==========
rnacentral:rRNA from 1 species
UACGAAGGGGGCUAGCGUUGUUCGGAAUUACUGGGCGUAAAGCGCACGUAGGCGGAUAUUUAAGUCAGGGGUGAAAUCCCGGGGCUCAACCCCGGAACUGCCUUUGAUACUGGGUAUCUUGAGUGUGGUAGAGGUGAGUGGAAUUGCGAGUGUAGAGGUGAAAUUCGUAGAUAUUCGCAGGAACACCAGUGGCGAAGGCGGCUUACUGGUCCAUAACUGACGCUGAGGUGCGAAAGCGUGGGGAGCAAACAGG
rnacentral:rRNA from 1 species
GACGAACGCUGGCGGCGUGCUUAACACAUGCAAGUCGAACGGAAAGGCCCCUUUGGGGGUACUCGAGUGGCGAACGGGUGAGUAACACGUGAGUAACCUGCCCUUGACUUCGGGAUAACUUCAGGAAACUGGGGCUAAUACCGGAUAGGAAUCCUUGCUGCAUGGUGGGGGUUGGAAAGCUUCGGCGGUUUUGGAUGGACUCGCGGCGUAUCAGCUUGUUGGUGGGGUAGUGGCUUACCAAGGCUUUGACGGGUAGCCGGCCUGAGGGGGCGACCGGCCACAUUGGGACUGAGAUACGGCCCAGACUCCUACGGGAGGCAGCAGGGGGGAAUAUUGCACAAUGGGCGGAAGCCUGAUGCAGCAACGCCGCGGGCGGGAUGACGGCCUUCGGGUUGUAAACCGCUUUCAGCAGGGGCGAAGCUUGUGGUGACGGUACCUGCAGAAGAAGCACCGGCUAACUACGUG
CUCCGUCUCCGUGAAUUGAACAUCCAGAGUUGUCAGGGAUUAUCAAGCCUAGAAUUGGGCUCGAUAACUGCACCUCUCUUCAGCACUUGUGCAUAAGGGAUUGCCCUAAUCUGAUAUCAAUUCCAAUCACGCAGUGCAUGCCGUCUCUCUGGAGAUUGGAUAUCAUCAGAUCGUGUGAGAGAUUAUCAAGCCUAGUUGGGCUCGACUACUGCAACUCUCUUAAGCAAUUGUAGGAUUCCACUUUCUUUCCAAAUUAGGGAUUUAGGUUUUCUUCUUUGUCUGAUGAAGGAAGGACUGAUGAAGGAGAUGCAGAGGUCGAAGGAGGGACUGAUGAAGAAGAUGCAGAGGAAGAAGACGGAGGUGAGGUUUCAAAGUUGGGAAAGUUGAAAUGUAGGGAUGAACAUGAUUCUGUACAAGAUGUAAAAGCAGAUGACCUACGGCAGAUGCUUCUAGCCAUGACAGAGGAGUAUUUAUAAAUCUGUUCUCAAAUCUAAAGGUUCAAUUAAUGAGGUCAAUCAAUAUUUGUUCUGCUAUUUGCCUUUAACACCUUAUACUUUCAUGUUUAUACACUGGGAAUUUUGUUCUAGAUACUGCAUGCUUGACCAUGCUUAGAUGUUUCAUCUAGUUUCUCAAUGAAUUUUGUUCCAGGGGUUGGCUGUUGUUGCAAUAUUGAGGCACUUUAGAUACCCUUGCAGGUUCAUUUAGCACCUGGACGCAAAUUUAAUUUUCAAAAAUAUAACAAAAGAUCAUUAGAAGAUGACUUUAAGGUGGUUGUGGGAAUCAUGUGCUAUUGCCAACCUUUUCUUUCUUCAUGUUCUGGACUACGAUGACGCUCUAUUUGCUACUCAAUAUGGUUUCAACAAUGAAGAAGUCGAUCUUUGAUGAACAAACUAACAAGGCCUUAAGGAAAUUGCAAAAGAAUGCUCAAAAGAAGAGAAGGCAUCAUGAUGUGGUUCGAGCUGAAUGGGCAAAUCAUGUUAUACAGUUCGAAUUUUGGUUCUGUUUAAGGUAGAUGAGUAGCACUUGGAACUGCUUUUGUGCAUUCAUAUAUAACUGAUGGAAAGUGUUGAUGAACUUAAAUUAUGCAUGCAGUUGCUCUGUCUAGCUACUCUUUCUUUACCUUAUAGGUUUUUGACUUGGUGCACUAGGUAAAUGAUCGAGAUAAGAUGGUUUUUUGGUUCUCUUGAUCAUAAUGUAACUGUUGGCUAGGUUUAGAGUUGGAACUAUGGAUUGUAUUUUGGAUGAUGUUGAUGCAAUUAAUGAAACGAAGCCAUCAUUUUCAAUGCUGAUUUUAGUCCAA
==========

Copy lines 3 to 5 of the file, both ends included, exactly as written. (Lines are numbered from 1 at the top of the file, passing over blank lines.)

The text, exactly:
rnacentral:rRNA from 1 species
GACGAACGCUGGCGGCGUGCUUAACACAUGCAAGUCGAACGGAAAGGCCCCUUUGGGGGUACUCGAGUGGCGAACGGGUGAGUAACACGUGAGUAACCUGCCCUUGACUUCGGGAUAACUUCAGGAAACUGGGGCUAAUACCGGAUAGGAAUCCUUGCUGCAUGGUGGGGGUUGGAAAGCUUCGGCGGUUUUGGAUGGACUCGCGGCGUAUCAGCUUGUUGGUGGGGUAGUGGCUUACCAAGGCUUUGACGGGUAGCCGGCCUGAGGGGGCGACCGGCCACAUUGGGACUGAGAUACGGCCCAGACUCCUACGGGAGGCAGCAGGGGGGAAUAUUGCACAAUGGGCGGAAGCCUGAUGCAGCAACGCCGCGGGCGGGAUGACGGCCUUCGGGUUGUAAACCGCUUUCAGCAGGGGCGAAGCUUGUGGUGACGGUACCUGCAGAAGAAGCACCGGCUAACUACGUG
CUCCGUCUCCGUGAAUUGAACAUCCAGAGUUGUCAGGGAUUAUCAAGCCUAGAAUUGGGCUCGAUAACUGCACCUCUCUUCAGCACUUGUGCAUAAGGGAUUGCCCUAAUCUGAUAUCAAUUCCAAUCACGCAGUGCAUGCCGUCUCUCUGGAGAUUGGAUAUCAUCAGAUCGUGUGAGAGAUUAUCAAGCCUAGUUGGGCUCGACUACUGCAACUCUCUUAAGCAAUUGUAGGAUUCCACUUUCUUUCCAAAUUAGGGAUUUAGGUUUUCUUCUUUGUCUGAUGAAGGAAGGACUGAUGAAGGAGAUGCAGAGGUCGAAGGAGGGACUGAUGAAGAAGAUGCAGAGGAAGAAGACGGAGGUGAGGUUUCAAAGUUGGGAAAGUUGAAAUGUAGGGAUGAACAUGAUUCUGUACAAGAUGUAAAAGCAGAUGACCUACGGCAGAUGCUUCUAGCCAUGACAGAGGAGUAUUUAUAAAUCUGUUCUCAAAUCUAAAGGUUCAAUUAAUGAGGUCAAUCAAUAUUUGUUCUGCUAUUUGCCUUUAACACCUUAUACUUUCAUGUUUAUACACUGGGAAUUUUGUUCUAGAUACUGCAUGCUUGACCAUGCUUAGAUGUUUCAUCUAGUUUCUCAAUGAAUUUUGUUCCAGGGGUUGGCUGUUGUUGCAAUAUUGAGGCACUUUAGAUACCCUUGCAGGUUCAUUUAGCACCUGGACGCAAAUUUAAUUUUCAAAAAUAUAACAAAAGAUCAUUAGAAGAUGACUUUAAGGUGGUUGUGGGAAUCAUGUGCUAUUGCCAACCUUUUCUUUCUUCAUGUUCUGGACUACGAUGACGCUCUAUUUGCUACUCAAUAUGGUUUCAACAAUGAAGAAGUCGAUCUUUGAUGAACAAACUAACAAGGCCUUAAGGAAAUUGCAAAAGAAUGCUCAAAAGAAGAGAAGGCAUCAUGAUGUGGUUCGAGCUGAAUGGGCAAAUCAUGUUAUACAGUUCGAAUUUUGGUUCUGUUUAAGGUAGAUGAGUAGCACUUGGAACUGCUUUUGUGCAUUCAUAUAUAACUGAUGGAAAGUGUUGAUGAACUUAAAUUAUGCAUGCAGUUGCUCUGUCUAGCUACUCUUUCUUUACCUUAUAGGUUUUUGACUUGGUGCACUAGGUAAAUGAUCGAGAUAAGAUGGUUUUUUGGUUCUCUUGAUCAUAAUGUAACUGUUGGCUAGGUUUAGAGUUGGAACUAUGGAUUGUAUUUUGGAUGAUGUUGAUGCAAUUAAUGAAACGAAGCCAUCAUUUUCAAUGCUGAUUUUAGUCCAA